By: Sourajit Aiyer
It is fashionable to say that the government has no business to be in business. But this is easier said than done, as governments bearing the liabilities of ailing Public Sector Undertakings (PSUs) – essentially state-owned companies — may vouch.
State-owned companies have played a critical role in initiating their nations’ commercial capabilities post-independence, given the absence of private capital. But government patronage through bailouts, job-secured inefficient management and gaps between strategies and realities on the ground spelt doom.
Divestment of state-owned companies is now a politically-sensitive issue, given the sheer numbers they employ and resources they buy. The issue is not just about the loss of employment to excess, unproductive staff in case of privatization; the dilemma is equally how to choose between loss-making and profitable PSUs.
Unless the industry itself is fundamentally sound, and there is some visibility that inculcating modern strategies might effect a turnaround in the company, finding buyers for a loss-making PSU would always be a struggle. Even if there is a buyer, the price it gives would not add much to the Treasury.
It would naturally be easier to find buyers for profitable state-owned companies, a recourse the government would prefer. But selling a good PSU might make the government poorer in the long run, since the value and wealth it creates could have benefited the government and the citizens.
Some PSUs have performed well, and that shows government ownership need not always spell doom. It depends on the organizational practices, adeptness and initiative of its top management, and inculcating productivity standards. That may pain the inefficient staff, but that is a small price to pay for the wealth created, which benefits the entire nation.
State-Owned Companies in India
Using India’s example, the recent PSU Survey by India Today Group of about 170 federal PSUs showed they can deliver results if managed well. Regardless of whether the government can achieve divesting all its state-owned companies, one might instead look at how their performance can be improved.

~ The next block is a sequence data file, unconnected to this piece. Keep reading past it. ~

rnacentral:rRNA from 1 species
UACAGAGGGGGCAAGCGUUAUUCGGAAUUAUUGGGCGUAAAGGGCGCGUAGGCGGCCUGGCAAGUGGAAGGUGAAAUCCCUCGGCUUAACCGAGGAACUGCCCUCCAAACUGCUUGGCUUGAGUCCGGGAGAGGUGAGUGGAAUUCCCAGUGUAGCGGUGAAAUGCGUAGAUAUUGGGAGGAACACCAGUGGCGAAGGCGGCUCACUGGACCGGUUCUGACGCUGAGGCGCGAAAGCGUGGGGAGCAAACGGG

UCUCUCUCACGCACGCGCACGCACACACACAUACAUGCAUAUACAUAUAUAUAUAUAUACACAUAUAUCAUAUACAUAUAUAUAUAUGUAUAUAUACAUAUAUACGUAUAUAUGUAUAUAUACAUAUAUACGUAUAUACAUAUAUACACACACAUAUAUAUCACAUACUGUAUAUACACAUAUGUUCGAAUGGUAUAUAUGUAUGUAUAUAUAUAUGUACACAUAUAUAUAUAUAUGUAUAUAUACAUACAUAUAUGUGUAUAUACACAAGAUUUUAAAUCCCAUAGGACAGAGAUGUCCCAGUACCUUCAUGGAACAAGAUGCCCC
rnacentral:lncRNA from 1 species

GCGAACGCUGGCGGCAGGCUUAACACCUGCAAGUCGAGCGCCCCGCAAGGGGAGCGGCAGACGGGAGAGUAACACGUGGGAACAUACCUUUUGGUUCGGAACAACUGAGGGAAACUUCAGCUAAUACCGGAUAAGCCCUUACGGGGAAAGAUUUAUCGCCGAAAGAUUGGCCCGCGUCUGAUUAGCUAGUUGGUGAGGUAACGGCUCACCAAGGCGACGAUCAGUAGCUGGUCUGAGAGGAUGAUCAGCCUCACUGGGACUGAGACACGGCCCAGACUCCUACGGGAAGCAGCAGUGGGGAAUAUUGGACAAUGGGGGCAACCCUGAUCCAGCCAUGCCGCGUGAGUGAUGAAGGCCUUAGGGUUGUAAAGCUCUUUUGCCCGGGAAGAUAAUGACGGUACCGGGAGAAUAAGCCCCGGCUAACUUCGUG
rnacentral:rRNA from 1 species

Privatizing would undoubtedly make them more efficient, but that assumes buyers would be found for the ailing state-owned companies. What about those that don’t get buyers? They can be made more efficient by being put on a level-playing field at par with private companies and the divested PSUs — i.e., let the state-owned companies also face the lions, just like all the rest of the businesses in the country.
Some practices can be brought in even ahead of retrenchment of excess staff. One is a board of advisors that have the industry-experience, have the competence to give long-term strategic direction, and have the authority to hold management accountable in case of gaps between strategy and performance.
Moreover, this would ensure adherence to corporate governance standards, which every company worth their salt looks at today while partnering with prospective stakeholders. These are practices common to private companies, and the intent is to make the functioning similar for state-owned companies.
Using India’s experience, a stronger Vigilance and Comptroller & Auditor at the federal level also helped raise accountability and transparency.
Incentives and Level-Playing Field
The government has to bring in a culture of incentives as a motivation for the management to perform better, something that raises the performance of private companies. There is less chance of the management becoming complacent and lax, since the variable component in his benefits becomes prominent.
The management becomes more professional and energetic. Under-achievement might have the same repercussion as in a private company. Changes in PSU compensation practices may inevitably require legislation, and hence there is a chance that the issue will be politicized.
However, ESOP schemes (i.e. allotting equity in the company to the management as an option) also work well as a management incentive. Incentive schemes also work in indirect ways, like awarding of free gifts, free trips, loans at subsidized rates, etc to the better performers.
Outsourcing the management of ailing state-owned companies that do not get buyers to private contractors/consultants might be an unconventional idea worth exploring.
If any ailing or profitable PSU was worth buying, then any private enterprise would naturally prefer to buy it outright. That would mean 100% of the profits which the new private owner generates from effecting a turnaround would accrue entirely to him, and that is his main incentive.
But for the state-owned companies that do not get buyers, that means they are in a condition where making a large capital outlay for acquisition is deterring buyers. Outsourcing the management for a fee for services rendered, along with a sharing of returns generated over and above a pre-agreed mark-up, might be a possible way to bring in better management practices without the capital outlay.